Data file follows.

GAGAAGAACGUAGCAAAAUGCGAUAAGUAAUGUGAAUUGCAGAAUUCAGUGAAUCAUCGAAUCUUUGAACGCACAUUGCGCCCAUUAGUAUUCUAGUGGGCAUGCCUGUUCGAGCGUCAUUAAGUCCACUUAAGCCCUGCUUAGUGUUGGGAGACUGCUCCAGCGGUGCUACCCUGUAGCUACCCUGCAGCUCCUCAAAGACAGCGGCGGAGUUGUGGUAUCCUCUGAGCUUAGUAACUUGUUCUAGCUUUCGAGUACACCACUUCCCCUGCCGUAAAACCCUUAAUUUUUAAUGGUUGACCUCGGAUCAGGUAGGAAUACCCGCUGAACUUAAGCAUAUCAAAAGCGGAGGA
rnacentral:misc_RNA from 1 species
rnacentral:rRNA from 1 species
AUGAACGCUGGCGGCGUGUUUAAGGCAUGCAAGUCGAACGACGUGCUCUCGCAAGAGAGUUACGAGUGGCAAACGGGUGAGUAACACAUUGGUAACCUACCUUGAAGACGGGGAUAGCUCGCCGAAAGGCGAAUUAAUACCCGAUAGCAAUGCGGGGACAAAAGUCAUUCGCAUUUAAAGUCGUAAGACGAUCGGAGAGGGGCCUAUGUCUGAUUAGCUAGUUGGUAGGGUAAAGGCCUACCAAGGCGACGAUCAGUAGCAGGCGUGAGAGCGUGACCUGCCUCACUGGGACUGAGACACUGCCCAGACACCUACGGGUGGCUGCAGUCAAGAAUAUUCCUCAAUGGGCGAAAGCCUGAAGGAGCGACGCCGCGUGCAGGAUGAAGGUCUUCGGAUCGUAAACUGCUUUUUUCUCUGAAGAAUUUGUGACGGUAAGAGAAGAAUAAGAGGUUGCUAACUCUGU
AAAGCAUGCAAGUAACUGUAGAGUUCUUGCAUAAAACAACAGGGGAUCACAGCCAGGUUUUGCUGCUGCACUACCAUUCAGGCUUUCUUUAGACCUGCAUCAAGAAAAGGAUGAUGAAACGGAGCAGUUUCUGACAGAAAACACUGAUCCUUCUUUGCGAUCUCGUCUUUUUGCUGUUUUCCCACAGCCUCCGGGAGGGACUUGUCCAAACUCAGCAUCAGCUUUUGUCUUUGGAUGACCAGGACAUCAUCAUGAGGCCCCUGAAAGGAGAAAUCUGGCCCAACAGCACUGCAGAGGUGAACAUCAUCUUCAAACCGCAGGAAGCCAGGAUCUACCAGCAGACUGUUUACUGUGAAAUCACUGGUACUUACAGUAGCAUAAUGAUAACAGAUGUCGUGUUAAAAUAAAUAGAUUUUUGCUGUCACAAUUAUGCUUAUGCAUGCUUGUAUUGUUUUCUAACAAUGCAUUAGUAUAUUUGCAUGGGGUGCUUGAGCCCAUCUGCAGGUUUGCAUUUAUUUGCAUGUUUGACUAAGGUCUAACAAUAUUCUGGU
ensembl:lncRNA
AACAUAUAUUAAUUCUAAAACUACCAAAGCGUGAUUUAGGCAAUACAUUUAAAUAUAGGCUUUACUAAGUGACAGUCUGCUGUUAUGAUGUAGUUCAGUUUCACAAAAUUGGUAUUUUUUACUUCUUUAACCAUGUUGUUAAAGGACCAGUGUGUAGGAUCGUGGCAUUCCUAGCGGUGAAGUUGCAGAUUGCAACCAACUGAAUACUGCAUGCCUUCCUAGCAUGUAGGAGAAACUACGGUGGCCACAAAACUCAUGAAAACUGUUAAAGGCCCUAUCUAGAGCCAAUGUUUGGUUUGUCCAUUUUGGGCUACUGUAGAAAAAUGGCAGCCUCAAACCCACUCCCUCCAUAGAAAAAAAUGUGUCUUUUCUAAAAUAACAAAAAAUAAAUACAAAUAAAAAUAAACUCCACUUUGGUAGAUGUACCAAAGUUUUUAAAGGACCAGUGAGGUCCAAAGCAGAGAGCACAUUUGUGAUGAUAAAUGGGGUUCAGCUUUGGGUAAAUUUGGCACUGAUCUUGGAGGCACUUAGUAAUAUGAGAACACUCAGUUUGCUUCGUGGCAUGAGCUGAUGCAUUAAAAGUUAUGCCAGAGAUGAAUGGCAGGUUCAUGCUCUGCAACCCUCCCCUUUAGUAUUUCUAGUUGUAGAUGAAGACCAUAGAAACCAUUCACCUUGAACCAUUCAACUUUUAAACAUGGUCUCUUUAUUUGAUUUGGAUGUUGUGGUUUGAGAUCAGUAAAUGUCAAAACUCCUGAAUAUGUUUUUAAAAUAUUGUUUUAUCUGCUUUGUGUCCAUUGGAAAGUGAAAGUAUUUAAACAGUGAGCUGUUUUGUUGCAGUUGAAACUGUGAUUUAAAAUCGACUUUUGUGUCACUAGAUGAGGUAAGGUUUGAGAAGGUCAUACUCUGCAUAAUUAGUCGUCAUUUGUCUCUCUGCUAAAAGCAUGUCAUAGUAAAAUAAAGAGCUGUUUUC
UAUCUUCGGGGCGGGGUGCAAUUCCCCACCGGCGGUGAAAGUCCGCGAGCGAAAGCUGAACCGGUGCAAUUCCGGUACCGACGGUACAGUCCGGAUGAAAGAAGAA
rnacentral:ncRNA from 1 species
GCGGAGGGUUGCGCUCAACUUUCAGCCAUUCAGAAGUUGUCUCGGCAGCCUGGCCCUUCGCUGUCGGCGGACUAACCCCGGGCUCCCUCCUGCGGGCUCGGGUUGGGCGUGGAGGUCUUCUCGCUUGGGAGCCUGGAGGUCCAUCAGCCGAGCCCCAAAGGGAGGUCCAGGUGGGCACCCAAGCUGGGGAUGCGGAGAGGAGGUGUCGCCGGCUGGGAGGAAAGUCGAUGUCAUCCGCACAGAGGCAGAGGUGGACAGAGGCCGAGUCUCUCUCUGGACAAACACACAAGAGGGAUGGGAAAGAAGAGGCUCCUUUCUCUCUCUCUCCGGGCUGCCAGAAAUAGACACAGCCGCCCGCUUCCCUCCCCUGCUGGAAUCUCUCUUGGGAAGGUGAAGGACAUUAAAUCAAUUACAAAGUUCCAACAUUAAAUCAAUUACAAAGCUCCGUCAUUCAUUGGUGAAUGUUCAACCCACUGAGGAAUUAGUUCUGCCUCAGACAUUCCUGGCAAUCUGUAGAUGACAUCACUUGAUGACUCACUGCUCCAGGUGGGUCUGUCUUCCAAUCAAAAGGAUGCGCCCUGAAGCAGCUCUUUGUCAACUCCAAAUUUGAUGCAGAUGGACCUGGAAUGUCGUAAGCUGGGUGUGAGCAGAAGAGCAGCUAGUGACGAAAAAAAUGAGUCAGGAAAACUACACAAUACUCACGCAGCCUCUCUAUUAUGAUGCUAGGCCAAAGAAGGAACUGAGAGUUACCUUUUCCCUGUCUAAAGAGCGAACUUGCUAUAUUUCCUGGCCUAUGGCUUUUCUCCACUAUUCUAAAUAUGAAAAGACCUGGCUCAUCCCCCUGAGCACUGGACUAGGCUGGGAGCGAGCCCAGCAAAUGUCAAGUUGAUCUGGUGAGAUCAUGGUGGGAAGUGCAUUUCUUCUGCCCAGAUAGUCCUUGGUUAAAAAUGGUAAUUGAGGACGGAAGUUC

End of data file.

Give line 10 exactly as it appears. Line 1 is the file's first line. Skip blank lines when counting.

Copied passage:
GCGGAGGGUUGCGCUCAACUUUCAGCCAUUCAGAAGUUGUCUCGGCAGCCUGGCCCUUCGCUGUCGGCGGACUAACCCCGGGCUCCCUCCUGCGGGCUCGGGUUGGGCGUGGAGGUCUUCUCGCUUGGGAGCCUGGAGGUCCAUCAGCCGAGCCCCAAAGGGAGGUCCAGGUGGGCACCCAAGCUGGGGAUGCGGAGAGGAGGUGUCGCCGGCUGGGAGGAAAGUCGAUGUCAUCCGCACAGAGGCAGAGGUGGACAGAGGCCGAGUCUCUCUCUGGACAAACACACAAGAGGGAUGGGAAAGAAGAGGCUCCUUUCUCUCUCUCUCCGGGCUGCCAGAAAUAGACACAGCCGCCCGCUUCCCUCCCCUGCUGGAAUCUCUCUUGGGAAGGUGAAGGACAUUAAAUCAAUUACAAAGUUCCAACAUUAAAUCAAUUACAAAGCUCCGUCAUUCAUUGGUGAAUGUUCAACCCACUGAGGAAUUAGUUCUGCCUCAGACAUUCCUGGCAAUCUGUAGAUGACAUCACUUGAUGACUCACUGCUCCAGGUGGGUCUGUCUUCCAAUCAAAAGGAUGCGCCCUGAAGCAGCUCUUUGUCAACUCCAAAUUUGAUGCAGAUGGACCUGGAAUGUCGUAAGCUGGGUGUGAGCAGAAGAGCAGCUAGUGACGAAAAAAAUGAGUCAGGAAAACUACACAAUACUCACGCAGCCUCUCUAUUAUGAUGCUAGGCCAAAGAAGGAACUGAGAGUUACCUUUUCCCUGUCUAAAGAGCGAACUUGCUAUAUUUCCUGGCCUAUGGCUUUUCUCCACUAUUCUAAAUAUGAAAAGACCUGGCUCAUCCCCCUGAGCACUGGACUAGGCUGGGAGCGAGCCCAGCAAAUGUCAAGUUGAUCUGGUGAGAUCAUGGUGGGAAGUGCAUUUCUUCUGCCCAGAUAGUCCUUGGUUAAAAAUGGUAAUUGAGGACGGAAGUUC